Professor Joseph Powell
Media Release: 09 June 2022
Stem cell models of the retina and optical nerve have been used to identify previously unknown genetic markers of glaucoma, in research jointly led by scientists from the Garvan Institute of Medical Research, the University of Melbourne, and the Centre for Eye Research Australia. The findings open the door to new treatment for glaucoma, which is the world’s leading cause of permanent blindness.
“We saw how the genetic causes of glaucoma act in single cells, and how they vary in different people. Current treatments can only slow the loss of vision, but this understanding is the first step towards drugs that target individual cell types,” says Professor Joseph Powell, joint lead author at the Garvan.
The research, published today in the journal Cell Genomics, comes out of a long-running collaboration between Australian medical research centres to use stem-cell models to uncover the underlying genetic causes of complicated diseases.
Glaucoma damages cells in the optic nerve, the part of the eye that receives light and sends it to the brain. It is impossible to take samples from this part of the eye in a non-invasive way, which limits research.
Instead, to create samples for the study, researchers took skin biopsies from participants with and without glaucoma. The skin cells were reprogrammed to revert to stem cells, and then guided into becoming retinal cells.
With 110 successfully converted samples, researchers sequenced more than 200,000 individual cells to generate ‘molecular signatures’. Comparing signatures with and without glaucoma revealed key genetic components that control how the disease attacks the retina.
Studying glaucoma inside retinal cells created a ‘context-specific profile’ of the extremely complicated disease, says co-lead author Professor Pébay.
“We wanted to see how glaucoma acts in retinal cells specifically—rather than in a blood sample, for instance—so we can identify the key genetic mechanisms to target. Equally, we need to know which genetic variations are healthy and normal, so we can exclude them from a treatment,” she says.
Across both healthy and diseased samples, researchers identified 312 genetic variants associated with the target retinal cells. Further analysis found 97 genetic clusters linked to the damage caused by glaucoma.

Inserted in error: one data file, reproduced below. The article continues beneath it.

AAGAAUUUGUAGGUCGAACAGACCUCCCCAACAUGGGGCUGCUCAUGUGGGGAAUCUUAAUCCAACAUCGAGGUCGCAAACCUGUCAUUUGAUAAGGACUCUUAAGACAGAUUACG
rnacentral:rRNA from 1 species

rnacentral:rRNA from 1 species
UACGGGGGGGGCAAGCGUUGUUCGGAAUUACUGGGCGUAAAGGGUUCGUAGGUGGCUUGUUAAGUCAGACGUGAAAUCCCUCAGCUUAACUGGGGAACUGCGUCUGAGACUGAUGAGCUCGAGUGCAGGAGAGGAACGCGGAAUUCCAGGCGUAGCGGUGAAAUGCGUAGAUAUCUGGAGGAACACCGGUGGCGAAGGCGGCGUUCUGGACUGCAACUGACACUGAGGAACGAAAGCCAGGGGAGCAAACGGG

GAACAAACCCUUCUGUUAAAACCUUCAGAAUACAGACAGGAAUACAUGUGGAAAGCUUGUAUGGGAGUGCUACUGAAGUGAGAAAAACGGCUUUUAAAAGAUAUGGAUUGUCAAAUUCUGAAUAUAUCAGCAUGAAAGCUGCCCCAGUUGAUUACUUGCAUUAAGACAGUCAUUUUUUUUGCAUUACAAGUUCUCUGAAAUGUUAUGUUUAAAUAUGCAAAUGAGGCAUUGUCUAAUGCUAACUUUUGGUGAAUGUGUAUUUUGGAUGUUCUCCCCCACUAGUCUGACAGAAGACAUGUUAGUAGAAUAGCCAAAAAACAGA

The study’s third lead author, Professor Alex Hewitt, says the findings lay the foundation for research into new glaucoma treatments:
“Not only can scientists develop more tailored drugs, but we could potentially use the stem-cell models to test hundreds of drugs in pre-clinical assays. This method could also be used to assess drug efficacy in a personalised manner to assess whether a glaucoma treatment would be effective for a specific patient.”
Co-Lead authors of the study are:
- Professor Joseph Powell, Pillar Director Cellular Science, Garvan Institute of Medical Research
- Professor Alice Pébay, Department of Anatomy and Physiology, Department of Surgery, The University of Melbourne
- Professor Alex Hewitt, the Centre for Eye Research Australia and the Menzies Institute for Medical Research at the University of Tasmania
Glaucoma is the leading cause of blindness worldwide and is predicted to affect about 80 million people by 2040. Treatments options are currently extremely limited.
The most common form of glaucoma (primary open-angle glaucoma, or POAG) causes the degeneration of retinal ganglion cells, which are neurons near the inner eye. This leads to a gradual and irreversible loss of vision.
POAG is likely to be inherited from a parent and is a very genetically complex disease. The only available treatment is to release pressure in an affected eye, which slows the loss of sight but can’t stop or reverse the process.
About gene profiling
The researchers used single-cell RNA genetic sequencing to examine individual cells, which creates a very detailed genetic ‘map’.
This research is possible due to advances in three key areas: the development of single-cell sequencing technology that shows relationships between individual cells; the ability to produce, reprogram and differentiate stem cells at scale; and advances in machine learning to analyse the incredible data sets.
Profiling complicated genetic diseases such as glaucoma improves our understanding of its underlying mechanisms, possible causes and risk factors.
The researchers used a kind of genetic mapping which looks for genetic variations that affect the expression of one or more genes. Identifying these key genes can be used to further deduce how common genetic variations influence glaucoma.
Genetic investigations help build complete human models of disease, which are crucial for drug development and pre-clinical trials. The success of this research highlights the power of large-scale studies using stem-cell models to uncover new genetic indicators of specific diseases.
Maddy De Gabriele, Science in Public, email@example.com, 0432 250 835